Yesterday, I posted a blog entry reviewing a new AirTran promotion designed to poach Midwest's best customers: Milwaukee-area frequent flyers. For context, I noted that AirTran had a frequent flyer program relationship with Frontier, with whom Midwest is in the process of merging.
Last night, Frontier issued a press release announcing it would sever its frequent flyer program relationship with AirTran, effective July 16.
The events—AirTran's promotion targeting Frontier's merger partner, and Frontier's subsequent rejection of AirTran—are almost certainly related, the former as cause, the latter as effect.
And even if the causal chain were less direct, this would be a case of Frontier's acting on the venerable principle that the enemy of my friend is my enemy.
As always happens when two airlines part ways, there are action items for members of the AirTran and Frontier programs. One action item, really. If you're a member of AirTran's program planning to redeem credits for a free flight on Frontier, be sure to make the award booking before July 16. And members of Frontier's program eyeing a free flight on AirTran should do the same.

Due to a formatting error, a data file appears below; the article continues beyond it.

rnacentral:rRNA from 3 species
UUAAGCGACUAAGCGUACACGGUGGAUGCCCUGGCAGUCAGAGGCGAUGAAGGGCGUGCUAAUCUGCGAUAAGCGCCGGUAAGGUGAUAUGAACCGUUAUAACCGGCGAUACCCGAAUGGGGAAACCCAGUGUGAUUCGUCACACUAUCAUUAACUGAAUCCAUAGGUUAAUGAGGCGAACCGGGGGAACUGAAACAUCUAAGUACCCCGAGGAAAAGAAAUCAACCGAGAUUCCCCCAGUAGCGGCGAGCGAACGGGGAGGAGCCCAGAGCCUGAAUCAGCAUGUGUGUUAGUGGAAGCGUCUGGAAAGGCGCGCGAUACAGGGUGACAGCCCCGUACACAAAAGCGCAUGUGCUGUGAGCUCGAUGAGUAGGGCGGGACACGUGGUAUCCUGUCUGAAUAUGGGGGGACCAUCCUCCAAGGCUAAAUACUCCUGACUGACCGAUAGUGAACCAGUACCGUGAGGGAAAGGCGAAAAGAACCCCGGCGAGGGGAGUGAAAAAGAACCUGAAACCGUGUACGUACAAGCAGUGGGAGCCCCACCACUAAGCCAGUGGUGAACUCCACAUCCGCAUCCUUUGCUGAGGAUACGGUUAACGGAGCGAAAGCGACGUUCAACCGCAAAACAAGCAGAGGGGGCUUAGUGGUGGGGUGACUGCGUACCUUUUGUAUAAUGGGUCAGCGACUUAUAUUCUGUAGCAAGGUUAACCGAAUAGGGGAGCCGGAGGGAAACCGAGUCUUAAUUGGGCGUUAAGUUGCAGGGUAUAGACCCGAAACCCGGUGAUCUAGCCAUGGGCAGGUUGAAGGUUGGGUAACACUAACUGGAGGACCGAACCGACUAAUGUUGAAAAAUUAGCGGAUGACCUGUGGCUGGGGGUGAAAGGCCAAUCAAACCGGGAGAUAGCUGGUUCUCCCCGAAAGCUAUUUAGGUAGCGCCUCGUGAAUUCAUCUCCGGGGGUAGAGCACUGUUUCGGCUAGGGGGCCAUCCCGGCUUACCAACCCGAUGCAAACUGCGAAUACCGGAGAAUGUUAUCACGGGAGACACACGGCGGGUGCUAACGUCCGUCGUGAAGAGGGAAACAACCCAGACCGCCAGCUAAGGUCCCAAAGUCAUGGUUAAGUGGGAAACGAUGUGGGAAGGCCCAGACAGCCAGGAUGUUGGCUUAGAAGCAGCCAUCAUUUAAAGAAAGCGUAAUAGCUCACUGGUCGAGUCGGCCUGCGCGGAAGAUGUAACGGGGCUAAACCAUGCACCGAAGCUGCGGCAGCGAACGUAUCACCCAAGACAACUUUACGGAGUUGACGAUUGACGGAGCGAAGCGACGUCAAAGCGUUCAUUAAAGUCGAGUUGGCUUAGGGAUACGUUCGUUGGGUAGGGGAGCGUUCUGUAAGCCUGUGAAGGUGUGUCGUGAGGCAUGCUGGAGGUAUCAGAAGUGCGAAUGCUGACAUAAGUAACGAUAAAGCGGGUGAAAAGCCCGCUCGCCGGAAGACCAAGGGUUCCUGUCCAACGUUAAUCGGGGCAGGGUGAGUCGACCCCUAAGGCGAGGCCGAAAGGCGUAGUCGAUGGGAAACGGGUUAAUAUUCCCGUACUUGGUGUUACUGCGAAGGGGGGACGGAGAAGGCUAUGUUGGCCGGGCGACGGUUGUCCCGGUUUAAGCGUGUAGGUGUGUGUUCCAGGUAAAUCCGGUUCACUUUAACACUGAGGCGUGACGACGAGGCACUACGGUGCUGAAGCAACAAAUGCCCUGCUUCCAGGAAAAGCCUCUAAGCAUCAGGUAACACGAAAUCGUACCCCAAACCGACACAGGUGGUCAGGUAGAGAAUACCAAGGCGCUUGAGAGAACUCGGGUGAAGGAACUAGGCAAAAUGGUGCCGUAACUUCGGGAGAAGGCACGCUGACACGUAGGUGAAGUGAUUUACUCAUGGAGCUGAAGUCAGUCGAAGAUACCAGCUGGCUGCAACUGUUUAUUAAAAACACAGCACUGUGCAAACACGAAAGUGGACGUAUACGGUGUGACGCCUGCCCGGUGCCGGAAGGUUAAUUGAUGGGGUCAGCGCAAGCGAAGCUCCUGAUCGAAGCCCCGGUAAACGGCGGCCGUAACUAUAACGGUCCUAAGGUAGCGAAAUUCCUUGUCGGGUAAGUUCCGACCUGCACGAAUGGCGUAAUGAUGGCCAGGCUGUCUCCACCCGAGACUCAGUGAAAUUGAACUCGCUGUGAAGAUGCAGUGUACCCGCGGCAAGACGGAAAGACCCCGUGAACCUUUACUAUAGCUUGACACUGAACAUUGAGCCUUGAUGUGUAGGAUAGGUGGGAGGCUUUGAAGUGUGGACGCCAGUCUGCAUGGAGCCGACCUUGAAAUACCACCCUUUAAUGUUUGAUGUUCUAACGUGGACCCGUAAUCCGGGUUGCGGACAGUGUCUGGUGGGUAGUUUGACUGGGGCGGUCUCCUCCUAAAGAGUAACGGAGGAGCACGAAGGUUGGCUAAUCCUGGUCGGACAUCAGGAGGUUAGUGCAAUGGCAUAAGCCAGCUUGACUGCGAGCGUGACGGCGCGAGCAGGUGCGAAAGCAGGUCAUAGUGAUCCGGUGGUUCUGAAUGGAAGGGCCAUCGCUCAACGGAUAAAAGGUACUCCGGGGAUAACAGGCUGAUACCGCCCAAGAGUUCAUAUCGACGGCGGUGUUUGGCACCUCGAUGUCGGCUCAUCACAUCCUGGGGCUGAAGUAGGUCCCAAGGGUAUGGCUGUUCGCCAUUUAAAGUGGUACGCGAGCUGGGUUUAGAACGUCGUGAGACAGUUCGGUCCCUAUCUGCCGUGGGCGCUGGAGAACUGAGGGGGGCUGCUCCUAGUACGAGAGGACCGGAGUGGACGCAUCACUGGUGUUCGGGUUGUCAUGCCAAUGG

Oh, and the drama continued this morning, when AirTran issued a news release of its own, announcing the expansion of its flight schedule in ... ta-ta! ... Milwaukee.
Aside from the entertainment value of such a very public break-up of a menage-a-trois gone wrong, this is a textbook example of competition benefiting consumers, at least in a specific market.
Assuming that Republic, the parent company of Midwest and Frontier, decides to remain a major presence in the Milwaukee market, the battle between Midwest (to be merged with Frontier later this year) and AirTran should keep ticket prices in check, service levels high, and frequent flyer bonuses in play.
For Milwaukee travelers, the AirTran-Midwest battle means friendlier skies ahead.